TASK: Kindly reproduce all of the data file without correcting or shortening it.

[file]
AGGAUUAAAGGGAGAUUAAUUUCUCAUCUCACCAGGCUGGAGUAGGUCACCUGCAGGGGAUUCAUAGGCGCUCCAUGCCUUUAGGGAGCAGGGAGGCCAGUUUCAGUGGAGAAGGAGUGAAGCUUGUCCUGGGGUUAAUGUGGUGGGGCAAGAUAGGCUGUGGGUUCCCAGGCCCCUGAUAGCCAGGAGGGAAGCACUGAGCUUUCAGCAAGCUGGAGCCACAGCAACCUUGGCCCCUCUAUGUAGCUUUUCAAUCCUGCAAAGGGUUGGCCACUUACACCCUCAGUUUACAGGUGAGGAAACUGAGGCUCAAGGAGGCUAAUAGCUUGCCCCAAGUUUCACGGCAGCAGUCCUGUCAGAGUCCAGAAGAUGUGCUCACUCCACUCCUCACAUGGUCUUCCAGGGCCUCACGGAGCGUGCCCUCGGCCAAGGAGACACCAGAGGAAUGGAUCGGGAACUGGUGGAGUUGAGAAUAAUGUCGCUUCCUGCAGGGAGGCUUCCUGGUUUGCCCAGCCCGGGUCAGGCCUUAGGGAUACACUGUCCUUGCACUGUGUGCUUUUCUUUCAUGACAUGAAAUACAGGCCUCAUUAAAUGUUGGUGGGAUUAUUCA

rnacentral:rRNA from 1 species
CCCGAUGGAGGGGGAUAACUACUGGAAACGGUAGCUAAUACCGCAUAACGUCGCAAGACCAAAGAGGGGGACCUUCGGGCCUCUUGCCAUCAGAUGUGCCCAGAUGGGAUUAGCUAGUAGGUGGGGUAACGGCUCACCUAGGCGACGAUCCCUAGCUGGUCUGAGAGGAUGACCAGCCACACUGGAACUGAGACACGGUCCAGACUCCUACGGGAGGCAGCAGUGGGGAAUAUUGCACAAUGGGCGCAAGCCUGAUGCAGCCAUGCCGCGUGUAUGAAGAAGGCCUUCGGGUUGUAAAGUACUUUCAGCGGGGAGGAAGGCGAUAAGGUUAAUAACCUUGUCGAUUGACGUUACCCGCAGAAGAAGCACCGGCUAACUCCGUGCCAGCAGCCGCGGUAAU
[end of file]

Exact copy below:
AGGAUUAAAGGGAGAUUAAUUUCUCAUCUCACCAGGCUGGAGUAGGUCACCUGCAGGGGAUUCAUAGGCGCUCCAUGCCUUUAGGGAGCAGGGAGGCCAGUUUCAGUGGAGAAGGAGUGAAGCUUGUCCUGGGGUUAAUGUGGUGGGGCAAGAUAGGCUGUGGGUUCCCAGGCCCCUGAUAGCCAGGAGGGAAGCACUGAGCUUUCAGCAAGCUGGAGCCACAGCAACCUUGGCCCCUCUAUGUAGCUUUUCAAUCCUGCAAAGGGUUGGCCACUUACACCCUCAGUUUACAGGUGAGGAAACUGAGGCUCAAGGAGGCUAAUAGCUUGCCCCAAGUUUCACGGCAGCAGUCCUGUCAGAGUCCAGAAGAUGUGCUCACUCCACUCCUCACAUGGUCUUCCAGGGCCUCACGGAGCGUGCCCUCGGCCAAGGAGACACCAGAGGAAUGGAUCGGGAACUGGUGGAGUUGAGAAUAAUGUCGCUUCCUGCAGGGAGGCUUCCUGGUUUGCCCAGCCCGGGUCAGGCCUUAGGGAUACACUGUCCUUGCACUGUGUGCUUUUCUUUCAUGACAUGAAAUACAGGCCUCAUUAAAUGUUGGUGGGAUUAUUCA

rnacentral:rRNA from 1 species
CCCGAUGGAGGGGGAUAACUACUGGAAACGGUAGCUAAUACCGCAUAACGUCGCAAGACCAAAGAGGGGGACCUUCGGGCCUCUUGCCAUCAGAUGUGCCCAGAUGGGAUUAGCUAGUAGGUGGGGUAACGGCUCACCUAGGCGACGAUCCCUAGCUGGUCUGAGAGGAUGACCAGCCACACUGGAACUGAGACACGGUCCAGACUCCUACGGGAGGCAGCAGUGGGGAAUAUUGCACAAUGGGCGCAAGCCUGAUGCAGCCAUGCCGCGUGUAUGAAGAAGGCCUUCGGGUUGUAAAGUACUUUCAGCGGGGAGGAAGGCGAUAAGGUUAAUAACCUUGUCGAUUGACGUUACCCGCAGAAGAAGCACCGGCUAACUCCGUGCCAGCAGCCGCGGUAAU